A historic shipyard is to close despite a campaign to win new work to keep it open.
Babcock International said it had taken the “difficult decision” to close its Appledore yard in Devon next year.
Thousands of people joined a march recently in support of the yard and signed a petition which was handed to the Government asking ministers to help.
Babcock said in a statement that it would end its site lease in March 2019.
“Babcock’s focus is now firmly on its workforce and its determination to protect their employment within the business.
“To that end, the company will offer relocation opportunities for all 199 Appledore employees at other Babcock facilities, 140 of whom are already on short-term redeployment to its Devonport operations.
“Babcock very much regrets having to take this course of action and recognises the impact it will have on its dedicated and professional workforce.
“The company will now engage in a consultation period, working closely with its employees and their trade union representatives during this difficult time.”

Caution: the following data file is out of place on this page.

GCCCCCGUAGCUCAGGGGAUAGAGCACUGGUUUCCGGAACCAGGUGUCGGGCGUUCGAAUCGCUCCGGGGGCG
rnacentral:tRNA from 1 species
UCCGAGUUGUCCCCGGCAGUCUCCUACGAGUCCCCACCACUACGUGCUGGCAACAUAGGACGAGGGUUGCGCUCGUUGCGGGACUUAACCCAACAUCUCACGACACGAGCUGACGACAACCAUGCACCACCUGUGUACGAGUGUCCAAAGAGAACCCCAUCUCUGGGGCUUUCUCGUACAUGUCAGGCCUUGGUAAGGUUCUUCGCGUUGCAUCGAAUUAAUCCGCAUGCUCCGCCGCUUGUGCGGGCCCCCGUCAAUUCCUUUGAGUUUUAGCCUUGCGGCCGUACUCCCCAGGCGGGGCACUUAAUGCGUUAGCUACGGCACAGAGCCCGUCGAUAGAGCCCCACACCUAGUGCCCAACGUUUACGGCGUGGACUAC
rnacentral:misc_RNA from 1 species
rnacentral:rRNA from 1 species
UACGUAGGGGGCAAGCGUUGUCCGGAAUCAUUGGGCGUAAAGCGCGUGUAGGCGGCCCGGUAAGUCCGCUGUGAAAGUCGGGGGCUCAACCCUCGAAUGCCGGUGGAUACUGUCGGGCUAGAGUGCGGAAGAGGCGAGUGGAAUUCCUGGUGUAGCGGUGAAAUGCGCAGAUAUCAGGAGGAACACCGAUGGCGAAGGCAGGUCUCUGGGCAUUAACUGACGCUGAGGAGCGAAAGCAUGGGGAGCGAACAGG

In 2017/18 Appledore generated around £24 million of the group’s total underlying revenue of £5.4 billion.
The GMB union reacted with anger to the news, saying it was “devastating” for the workforce.
The union said 200 workers were set to lose their jobs when the yard closes, adding that the Government had offered a financial package to keep it open.
Jake McLean, the GMB’s official at Appledore, said: “This news is a devastating blow to the workforce and the local community.
“We want answers from the Government and Babcock about the package that was offered to save the yard.”
The yard is the last survivor of a centuries-old tradition of shipbuilding on the north Devon estuary where the Rivers Taw and Torridge meet the Bristol Channel.
Sailors from the village are said to have been among those who fought the Spanish Armada in 1588.
The yard dates back to 1855, remaining in family ownership for many years, specialising in tug-boats and fishing trawlers, and making a significant contribution to Britain’s war effort from 1939 to 1945.